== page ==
As befits someone who, has a reputation for being one of the most down-to-Earth people in rock and roll, Thanks A Lot, Mr. Kibblewhite is a short and straight-forward account of Roger Daltrey’s life, from his youth in war-scarred London to his time as the frontman for one of the loudest bands in rock and roll to his current life as one of rock’s elder statesmen.  If it’s not as salacious as some other rock-and-roll tell-alls, that’s because Daltrey never gave into the excessive behavior that proved to be the downfall of many of his contemporaries (including, of course, his former Who bandmates, Keith Moon and Jon Entwistle).  As Daltrey tells it, he avoided hard drugs to such an extent that he was briefly kicked out of the band for flushing Moon’s stash of pills.

As is true with The Who’s best albums, the heart of Thanks A Lot, Mr. Kibblewhite is found in Daltrey’s close but often difficult collaboration with Pete Townshend.  Even after performing with Townshend for over fifty years, Daltrey still seems to be struggling with how he feels about his legendary bandmate.  Daltrey’s admiration for Townshend’s talent is obvious but he also writes that Townshend could be like “a scorpion with a good heart.”  Daltrey recounts not only the numerous times that Townshend was dismissive of the rest of the band in the press but he also tells the full story of the infamous fist fight in which Daltrey knocked Townshend out with one punch.  And yet, when Townshend is falsely accused of downloading child pornography, Daltrey is just as passionate about explaining how he knew his bandmate was innocent.

Daltrey also writes extensively about Keith Moon.  In Daltrey’s telling, Moon comes across as a unique, one-of-a-kind talent who was ultimately destroyed by his need to keep up with his own wild reputation.  Daltrey is open about often becoming exasperated with Moon but he also writes that, for him, The Who ceased to be The Who after Moon died.  Without Moon, Daltrey writes that The Who’s anthems were “now just songs.”

Thanks A Lot, Mr. Kibblewhite is a short book and Daltrey is such a straight-forward and no frills storyteller that it makes for good airport and airplane reading.  For fans of The Who, this book is essential.

Rockin’ in the Film World #18: The Who’s TOMMY (Columbia 1975)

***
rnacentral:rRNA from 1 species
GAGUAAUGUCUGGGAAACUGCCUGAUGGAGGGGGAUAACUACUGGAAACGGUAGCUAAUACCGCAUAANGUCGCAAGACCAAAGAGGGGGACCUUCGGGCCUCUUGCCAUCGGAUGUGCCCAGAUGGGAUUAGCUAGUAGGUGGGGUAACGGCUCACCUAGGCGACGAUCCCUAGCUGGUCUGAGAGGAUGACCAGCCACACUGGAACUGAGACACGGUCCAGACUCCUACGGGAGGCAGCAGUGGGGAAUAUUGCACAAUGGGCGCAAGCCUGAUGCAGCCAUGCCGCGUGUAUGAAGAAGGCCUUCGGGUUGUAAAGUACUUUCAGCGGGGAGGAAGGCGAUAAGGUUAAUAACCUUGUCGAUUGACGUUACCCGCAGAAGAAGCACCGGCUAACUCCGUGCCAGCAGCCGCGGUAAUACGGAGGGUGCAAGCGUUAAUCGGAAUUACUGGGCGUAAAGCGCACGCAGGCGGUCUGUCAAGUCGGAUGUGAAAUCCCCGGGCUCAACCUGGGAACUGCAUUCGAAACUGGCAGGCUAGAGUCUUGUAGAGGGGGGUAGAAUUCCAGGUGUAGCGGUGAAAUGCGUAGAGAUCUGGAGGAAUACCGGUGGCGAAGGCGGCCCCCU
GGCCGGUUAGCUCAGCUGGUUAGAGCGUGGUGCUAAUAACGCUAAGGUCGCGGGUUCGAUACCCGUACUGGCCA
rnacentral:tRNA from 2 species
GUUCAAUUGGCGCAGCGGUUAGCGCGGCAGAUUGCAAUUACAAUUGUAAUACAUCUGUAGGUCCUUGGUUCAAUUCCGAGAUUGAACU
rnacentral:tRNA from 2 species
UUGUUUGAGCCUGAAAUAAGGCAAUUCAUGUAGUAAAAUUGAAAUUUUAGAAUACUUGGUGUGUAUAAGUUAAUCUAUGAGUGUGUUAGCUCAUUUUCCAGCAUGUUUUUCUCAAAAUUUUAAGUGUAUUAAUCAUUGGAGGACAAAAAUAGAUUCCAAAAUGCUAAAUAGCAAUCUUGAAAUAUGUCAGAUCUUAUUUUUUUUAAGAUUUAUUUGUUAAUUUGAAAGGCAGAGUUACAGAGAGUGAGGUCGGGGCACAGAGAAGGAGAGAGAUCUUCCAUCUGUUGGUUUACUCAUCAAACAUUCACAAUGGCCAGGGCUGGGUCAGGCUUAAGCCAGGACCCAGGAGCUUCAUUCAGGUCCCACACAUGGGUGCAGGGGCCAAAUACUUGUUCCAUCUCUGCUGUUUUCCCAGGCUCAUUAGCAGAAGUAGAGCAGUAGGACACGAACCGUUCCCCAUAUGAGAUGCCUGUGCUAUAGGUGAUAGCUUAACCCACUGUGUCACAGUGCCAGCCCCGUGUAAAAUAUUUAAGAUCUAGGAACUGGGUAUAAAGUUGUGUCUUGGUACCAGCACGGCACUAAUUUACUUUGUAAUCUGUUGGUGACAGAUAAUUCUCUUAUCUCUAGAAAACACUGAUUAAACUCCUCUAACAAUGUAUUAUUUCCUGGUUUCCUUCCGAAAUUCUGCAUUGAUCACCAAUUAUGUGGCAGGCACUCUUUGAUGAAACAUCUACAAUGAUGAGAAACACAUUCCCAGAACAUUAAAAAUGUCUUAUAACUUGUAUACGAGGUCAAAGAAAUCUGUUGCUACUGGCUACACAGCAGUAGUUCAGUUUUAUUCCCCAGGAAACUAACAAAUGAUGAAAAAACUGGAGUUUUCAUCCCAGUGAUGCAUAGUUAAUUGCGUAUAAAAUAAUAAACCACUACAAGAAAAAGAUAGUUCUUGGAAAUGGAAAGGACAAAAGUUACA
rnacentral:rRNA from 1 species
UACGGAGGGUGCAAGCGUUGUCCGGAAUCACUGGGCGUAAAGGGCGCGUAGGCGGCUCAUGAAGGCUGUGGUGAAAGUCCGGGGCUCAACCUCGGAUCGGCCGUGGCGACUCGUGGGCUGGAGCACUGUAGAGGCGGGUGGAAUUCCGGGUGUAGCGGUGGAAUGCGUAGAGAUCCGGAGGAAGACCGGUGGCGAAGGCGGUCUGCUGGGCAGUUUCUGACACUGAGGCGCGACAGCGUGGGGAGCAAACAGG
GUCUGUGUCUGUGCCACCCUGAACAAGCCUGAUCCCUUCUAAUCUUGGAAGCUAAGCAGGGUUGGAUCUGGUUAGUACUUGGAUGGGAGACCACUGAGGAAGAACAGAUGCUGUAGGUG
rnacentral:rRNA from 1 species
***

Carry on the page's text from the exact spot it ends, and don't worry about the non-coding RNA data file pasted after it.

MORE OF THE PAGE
cracked rear viewer


Before MTV ever hit the airwaves, there was TOMMY, Ken Russell’s stylized cinematic vision of The Who’s 1969 ‘rock opera’. It was a match made in heaven, teaming Britain’s Wild Man of Cinema with the anarchic rock and roll of Pete Townshend, Roger Daltrey, John Entwistle, and Keith Moon (not to mention England’s own enfant terrible,Oliver Reed ). Russell both captures the spirit of Townsend’s hard rock opus and expands on it visually with an all-out assault-on-the-senses musical featuring an all-star cast that includes an Oscar-nominated performance by Ann-Margret as the mother of “that deaf, dumb, and blind kid” who “sure plays a mean pinball”!

The Who’s original album cover

Townshend, the group’s primary songwriter, had been experimenting with long-form rock’n’roll since the beginning, notably the nine minute suite “A Quick One While He’s Away” on their second album A QUICK ONE (retitled in America HAPPY JACK). TOMMY was…

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One Hit Wonders #12: “(We Ain’t Got) Nothin’ Yet” by The Blues Magoos (Mercury Records 1966)


cracked rear viewer

The very first concert I saw was… er, a very long time ago! Teenybop pop rockers Herman’s Hermits headlined the show, and the opening act was The Blues Magoos, performing their #5 Billboard hit, “(We Ain’t Got) Nothin’ Yet”:

The Blues Magoos, from The Bronx, were early practitioners of psychedelic rock’n’roll, going so far as to name their debut album “Psychedelic Lollipop”. They were loud, heavy, and wore these electric suits that blinked on and off during their rendition of the classic “Tobacco Road”:

Even without the suits, they were pretty far out, man! The lineup consisted of Emil “Peppy Castro” Theilheim (vocals, rhythm guitar), Mike Esposito (lead guitar), Ralph Scala (organ), Ron Gilbert (bass), and Geoff Daking (drums). They made the rounds of all the TV shows, like AMERICAN BANDSTAND, THE SMOTHERS BROTHERS COMEDY HOUR , and the above clip from a Jack Benny-hosted episode of THE KRAFT MUSIC…